Death from overwork is one of the most significant social problems facing Japan today.
Japanese people are hard worker, which is well known fact even in Japan, but more and more we’re hearing stories of employees being pushed past their limits.
Sukiya, a chain of Gyudon restaurants, is the most recent company in the spotlight.
According to an independent committee, an employee’s average overtime was 100 a month. This completely transcends the standard 80 hours permitted per month.
The panel also discussed eliminating the exploitive practice of having one employee running the graveyard shift. The report created by the committee urged Sukiya to introduce a ban on long working hours – even at the expense of locations remaining closed.
A chain of restaurants like Sukiya that prides itself on its ability to “save time and money” will have to consider how its policies are starting to affect its employees.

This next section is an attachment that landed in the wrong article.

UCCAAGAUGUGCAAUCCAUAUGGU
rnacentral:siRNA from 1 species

Your eyes either pop out of your head or you’re a zombie when you work at a “Black Company”.
Eight hours of work is the what Japanese employers are supposed to adhere to, according to Japan’s Labor Standards Act. However, this is not often observed regardless of kinds of employee like part time, non-administrative position and so on actually.
Sukiya has even been considered by some as one of Japan’s many “Black Companies”.
“Black Companies” is a popular term for companies that ignore Labor-management agreement, make employees work over specified time, and do not give a salary each month and so on.
Intriguingly, restaurant business companies like Watami, which is a chain of Izakayas, Osho, a chain gyoza (Dumpling) restaurant, and Sun Challenge, have a tendency to occupy most of black companies accorded to “Most Evil Corporation of the year award”.
Many Japanese will face “Black Companies” while job-hunting, so finding a company not on the dark side of the work force is a must.
Also for university students, a word of advice from this journalist: “Don’t work too much.”